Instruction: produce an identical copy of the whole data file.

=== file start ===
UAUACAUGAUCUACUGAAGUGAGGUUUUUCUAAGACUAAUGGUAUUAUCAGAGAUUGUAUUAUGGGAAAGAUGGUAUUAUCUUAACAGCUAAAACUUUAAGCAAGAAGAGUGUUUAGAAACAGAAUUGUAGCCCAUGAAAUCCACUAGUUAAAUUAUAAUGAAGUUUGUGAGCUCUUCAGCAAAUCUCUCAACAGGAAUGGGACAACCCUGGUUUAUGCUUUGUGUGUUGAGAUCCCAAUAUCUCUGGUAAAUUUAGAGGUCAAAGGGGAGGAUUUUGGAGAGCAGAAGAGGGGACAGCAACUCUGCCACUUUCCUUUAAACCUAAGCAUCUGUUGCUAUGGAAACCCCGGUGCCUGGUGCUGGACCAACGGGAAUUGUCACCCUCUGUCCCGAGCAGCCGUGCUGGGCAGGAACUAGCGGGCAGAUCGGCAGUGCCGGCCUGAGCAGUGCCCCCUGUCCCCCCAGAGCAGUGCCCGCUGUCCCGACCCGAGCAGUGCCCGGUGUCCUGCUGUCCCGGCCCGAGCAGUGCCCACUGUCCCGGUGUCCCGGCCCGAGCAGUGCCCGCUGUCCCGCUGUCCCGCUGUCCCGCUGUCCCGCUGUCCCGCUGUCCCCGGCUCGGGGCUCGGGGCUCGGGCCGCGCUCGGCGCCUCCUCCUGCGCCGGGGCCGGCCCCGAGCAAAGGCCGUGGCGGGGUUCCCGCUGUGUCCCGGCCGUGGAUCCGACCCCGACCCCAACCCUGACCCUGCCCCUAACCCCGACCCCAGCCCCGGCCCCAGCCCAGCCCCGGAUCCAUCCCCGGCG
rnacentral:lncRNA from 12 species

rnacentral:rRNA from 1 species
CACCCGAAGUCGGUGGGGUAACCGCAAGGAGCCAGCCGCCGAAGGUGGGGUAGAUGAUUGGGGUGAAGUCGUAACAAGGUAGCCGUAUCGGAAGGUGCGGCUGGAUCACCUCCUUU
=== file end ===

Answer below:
UAUACAUGAUCUACUGAAGUGAGGUUUUUCUAAGACUAAUGGUAUUAUCAGAGAUUGUAUUAUGGGAAAGAUGGUAUUAUCUUAACAGCUAAAACUUUAAGCAAGAAGAGUGUUUAGAAACAGAAUUGUAGCCCAUGAAAUCCACUAGUUAAAUUAUAAUGAAGUUUGUGAGCUCUUCAGCAAAUCUCUCAACAGGAAUGGGACAACCCUGGUUUAUGCUUUGUGUGUUGAGAUCCCAAUAUCUCUGGUAAAUUUAGAGGUCAAAGGGGAGGAUUUUGGAGAGCAGAAGAGGGGACAGCAACUCUGCCACUUUCCUUUAAACCUAAGCAUCUGUUGCUAUGGAAACCCCGGUGCCUGGUGCUGGACCAACGGGAAUUGUCACCCUCUGUCCCGAGCAGCCGUGCUGGGCAGGAACUAGCGGGCAGAUCGGCAGUGCCGGCCUGAGCAGUGCCCCCUGUCCCCCCAGAGCAGUGCCCGCUGUCCCGACCCGAGCAGUGCCCGGUGUCCUGCUGUCCCGGCCCGAGCAGUGCCCACUGUCCCGGUGUCCCGGCCCGAGCAGUGCCCGCUGUCCCGCUGUCCCGCUGUCCCGCUGUCCCGCUGUCCCGCUGUCCCCGGCUCGGGGCUCGGGGCUCGGGCCGCGCUCGGCGCCUCCUCCUGCGCCGGGGCCGGCCCCGAGCAAAGGCCGUGGCGGGGUUCCCGCUGUGUCCCGGCCGUGGAUCCGACCCCGACCCCAACCCUGACCCUGCCCCUAACCCCGACCCCAGCCCCGGCCCCAGCCCAGCCCCGGAUCCAUCCCCGGCG
rnacentral:lncRNA from 12 species

rnacentral:rRNA from 1 species
CACCCGAAGUCGGUGGGGUAACCGCAAGGAGCCAGCCGCCGAAGGUGGGGUAGAUGAUUGGGGUGAAGUCGUAACAAGGUAGCCGUAUCGGAAGGUGCGGCUGGAUCACCUCCUUU